Interview: Samuel Ernest

School/Institution:

Yale University

Areas of Interest/Research:

Theology, gay literature, queer theory, HIV/AIDS

What is it about your field that you love researching?

I’m in a part of the academy in which working with gay and queer texts in a theological context makes sense or is obvious, even, but historically, it’s an unlikely thing. The work I’m doing has been made possible by scholars who have at least in part worked on more “canonical” figures and doctrinal loci and who have made queer inquiry thinkable in theology. A gay/queer theologian trained by gay/queer theologians is still a relatively new possibility, so the whole thing feels like the blossoming of something latent and unlikely.

Many of the texts I have worked on or would like to work on I’ve found by browsing bookshops, scouring the shelves for texts that may have complicated relationships to sexuality and Christianity. The circulation of gay and queer books have played an important role in forming gay and queer identities, so it’s not only a fun and fairly mundane process but one that’s relevant to what I study. What started as a hunt for texts that I might find personally useful in a devotional sense has turned into an effort to find and name the often overlooked or vastly oversimplified religious peculiarities of gay writers and queer theorists and to ask how they might speak to Christian theology.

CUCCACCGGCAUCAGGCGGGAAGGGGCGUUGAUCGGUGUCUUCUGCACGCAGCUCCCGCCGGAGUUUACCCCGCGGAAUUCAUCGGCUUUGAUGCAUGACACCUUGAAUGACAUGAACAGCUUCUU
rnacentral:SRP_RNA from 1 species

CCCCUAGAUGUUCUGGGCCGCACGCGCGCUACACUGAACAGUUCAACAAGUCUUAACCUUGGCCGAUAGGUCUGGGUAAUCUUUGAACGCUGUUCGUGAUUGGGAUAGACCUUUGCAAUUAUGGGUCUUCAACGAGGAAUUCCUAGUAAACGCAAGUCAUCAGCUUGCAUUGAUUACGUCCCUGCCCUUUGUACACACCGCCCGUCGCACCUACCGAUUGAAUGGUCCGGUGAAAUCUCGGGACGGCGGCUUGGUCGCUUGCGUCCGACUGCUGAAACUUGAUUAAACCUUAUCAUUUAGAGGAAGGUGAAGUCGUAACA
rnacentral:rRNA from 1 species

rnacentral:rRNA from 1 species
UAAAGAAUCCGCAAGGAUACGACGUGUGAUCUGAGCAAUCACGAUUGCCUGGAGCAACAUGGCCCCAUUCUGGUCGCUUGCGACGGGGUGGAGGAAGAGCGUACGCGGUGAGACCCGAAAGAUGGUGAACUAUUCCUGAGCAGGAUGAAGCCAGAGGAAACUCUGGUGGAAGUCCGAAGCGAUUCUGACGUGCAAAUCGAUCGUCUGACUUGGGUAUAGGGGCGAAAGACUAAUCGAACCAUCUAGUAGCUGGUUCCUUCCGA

What is one “big idea” in your scholarship?

I’m still fairly early on in my doctoral studies—midway through my second year of coursework, with exams, teaching, and dissertation on the horizon. So, a few of these questions will have to be answered with an ellipsis. It isn’t necessarily a “big idea,” but something more like an impulse that has been carrying me this year is that, agreeing with Linn Tonstad’s critiques of apologetic queer theology and queer desire for inclusion, there is yet more to be said about the varieties of relationships queer people have to the church (itself a tricky body) and more to be said about what sorts of relationships to the church are generative for theology.

What is your current research about?

In recent papers, I have been looking at HIV/AIDS, theology, and poetry, which is the constellation of topics I would likely write my dissertation on. Some of the questions are: What have theologians from various locations said about HIV/AIDS? What sort of ecclesiology is present in such work and how might it compare to queer theorizations of collective bodies in relationship to HIV/AIDS? In working with various sorts of texts, I’d hope to get at some questions about the scope and work of theology and about how HIV/AIDS has been thought in literature, theology, and theory. I am also interested in prophylaxis as an epistemological technology and fantasies of invulnerability, which might make an appearance as well.

Who is one of your academic heroes and why do you admire them?